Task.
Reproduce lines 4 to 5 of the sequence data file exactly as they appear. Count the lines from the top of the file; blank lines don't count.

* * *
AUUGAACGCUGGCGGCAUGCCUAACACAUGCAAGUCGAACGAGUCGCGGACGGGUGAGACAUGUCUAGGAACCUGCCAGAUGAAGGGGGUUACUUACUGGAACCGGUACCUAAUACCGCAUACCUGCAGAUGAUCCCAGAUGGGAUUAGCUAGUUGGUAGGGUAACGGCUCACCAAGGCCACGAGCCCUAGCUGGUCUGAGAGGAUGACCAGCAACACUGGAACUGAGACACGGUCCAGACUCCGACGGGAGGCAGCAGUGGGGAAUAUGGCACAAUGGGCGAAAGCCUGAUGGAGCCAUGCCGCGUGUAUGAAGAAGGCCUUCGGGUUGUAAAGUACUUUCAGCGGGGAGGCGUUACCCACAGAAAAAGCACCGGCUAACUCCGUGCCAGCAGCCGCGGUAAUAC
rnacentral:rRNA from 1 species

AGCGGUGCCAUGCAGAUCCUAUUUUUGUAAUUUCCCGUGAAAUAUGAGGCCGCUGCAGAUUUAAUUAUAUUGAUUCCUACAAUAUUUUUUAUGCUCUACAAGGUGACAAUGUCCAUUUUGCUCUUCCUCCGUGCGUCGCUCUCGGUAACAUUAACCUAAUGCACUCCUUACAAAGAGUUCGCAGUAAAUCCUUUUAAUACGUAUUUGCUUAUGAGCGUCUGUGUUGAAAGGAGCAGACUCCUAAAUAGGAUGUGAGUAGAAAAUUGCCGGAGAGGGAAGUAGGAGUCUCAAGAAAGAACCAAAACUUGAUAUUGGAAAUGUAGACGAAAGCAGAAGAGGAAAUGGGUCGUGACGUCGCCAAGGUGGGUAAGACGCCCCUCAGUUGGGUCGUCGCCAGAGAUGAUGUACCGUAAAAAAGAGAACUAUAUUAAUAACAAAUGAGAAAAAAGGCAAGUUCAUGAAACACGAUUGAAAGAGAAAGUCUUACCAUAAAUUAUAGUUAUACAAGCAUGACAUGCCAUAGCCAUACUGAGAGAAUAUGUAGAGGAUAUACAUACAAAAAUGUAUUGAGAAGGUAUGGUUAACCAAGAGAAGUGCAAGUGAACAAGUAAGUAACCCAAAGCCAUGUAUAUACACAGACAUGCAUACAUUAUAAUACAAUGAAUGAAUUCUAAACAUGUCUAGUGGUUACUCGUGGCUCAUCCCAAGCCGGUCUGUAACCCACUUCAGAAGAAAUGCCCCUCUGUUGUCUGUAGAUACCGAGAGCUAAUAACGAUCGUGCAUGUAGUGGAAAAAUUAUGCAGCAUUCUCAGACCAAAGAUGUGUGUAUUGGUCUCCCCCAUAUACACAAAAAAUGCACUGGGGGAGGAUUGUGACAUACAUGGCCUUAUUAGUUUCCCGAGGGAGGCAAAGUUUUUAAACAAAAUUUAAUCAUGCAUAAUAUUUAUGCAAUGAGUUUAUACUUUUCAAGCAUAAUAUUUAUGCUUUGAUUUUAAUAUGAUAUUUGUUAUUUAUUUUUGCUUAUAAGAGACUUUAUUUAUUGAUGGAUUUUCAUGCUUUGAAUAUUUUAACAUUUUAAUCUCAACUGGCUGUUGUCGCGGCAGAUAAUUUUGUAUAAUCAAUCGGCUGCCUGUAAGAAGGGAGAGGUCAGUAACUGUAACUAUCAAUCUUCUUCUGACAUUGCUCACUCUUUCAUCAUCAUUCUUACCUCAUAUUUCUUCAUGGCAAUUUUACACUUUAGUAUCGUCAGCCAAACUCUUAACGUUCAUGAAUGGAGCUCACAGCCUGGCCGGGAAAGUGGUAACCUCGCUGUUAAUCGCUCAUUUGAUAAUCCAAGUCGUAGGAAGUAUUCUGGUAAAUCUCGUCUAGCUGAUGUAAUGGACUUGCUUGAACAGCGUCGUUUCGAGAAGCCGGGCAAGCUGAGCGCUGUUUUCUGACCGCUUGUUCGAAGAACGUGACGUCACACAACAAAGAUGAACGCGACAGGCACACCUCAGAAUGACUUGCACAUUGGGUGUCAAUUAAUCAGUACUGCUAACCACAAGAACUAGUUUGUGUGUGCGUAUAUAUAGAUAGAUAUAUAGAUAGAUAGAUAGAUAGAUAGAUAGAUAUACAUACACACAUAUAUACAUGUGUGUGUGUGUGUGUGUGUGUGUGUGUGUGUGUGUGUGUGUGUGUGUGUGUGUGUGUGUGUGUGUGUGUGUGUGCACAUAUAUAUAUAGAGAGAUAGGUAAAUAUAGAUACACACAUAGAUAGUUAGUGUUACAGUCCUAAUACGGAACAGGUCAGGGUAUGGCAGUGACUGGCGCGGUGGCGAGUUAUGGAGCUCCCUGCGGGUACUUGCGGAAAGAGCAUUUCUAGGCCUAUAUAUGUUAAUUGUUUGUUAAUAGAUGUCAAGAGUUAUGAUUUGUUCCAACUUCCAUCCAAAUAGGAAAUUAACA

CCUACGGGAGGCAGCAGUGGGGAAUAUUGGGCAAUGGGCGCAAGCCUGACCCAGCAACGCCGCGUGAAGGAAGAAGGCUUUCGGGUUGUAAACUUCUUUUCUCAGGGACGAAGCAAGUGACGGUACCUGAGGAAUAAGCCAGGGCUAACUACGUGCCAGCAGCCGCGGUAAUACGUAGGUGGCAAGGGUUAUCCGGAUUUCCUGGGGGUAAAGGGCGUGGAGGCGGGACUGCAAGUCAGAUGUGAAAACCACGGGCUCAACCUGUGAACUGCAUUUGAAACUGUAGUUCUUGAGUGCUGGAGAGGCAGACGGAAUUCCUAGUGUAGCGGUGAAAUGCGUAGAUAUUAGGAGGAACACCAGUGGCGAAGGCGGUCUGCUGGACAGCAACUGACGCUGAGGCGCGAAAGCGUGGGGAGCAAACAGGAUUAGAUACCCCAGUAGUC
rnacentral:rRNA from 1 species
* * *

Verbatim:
CCUACGGGAGGCAGCAGUGGGGAAUAUUGGGCAAUGGGCGCAAGCCUGACCCAGCAACGCCGCGUGAAGGAAGAAGGCUUUCGGGUUGUAAACUUCUUUUCUCAGGGACGAAGCAAGUGACGGUACCUGAGGAAUAAGCCAGGGCUAACUACGUGCCAGCAGCCGCGGUAAUACGUAGGUGGCAAGGGUUAUCCGGAUUUCCUGGGGGUAAAGGGCGUGGAGGCGGGACUGCAAGUCAGAUGUGAAAACCACGGGCUCAACCUGUGAACUGCAUUUGAAACUGUAGUUCUUGAGUGCUGGAGAGGCAGACGGAAUUCCUAGUGUAGCGGUGAAAUGCGUAGAUAUUAGGAGGAACACCAGUGGCGAAGGCGGUCUGCUGGACAGCAACUGACGCUGAGGCGCGAAAGCGUGGGGAGCAAACAGGAUUAGAUACCCCAGUAGUC
rnacentral:rRNA from 1 species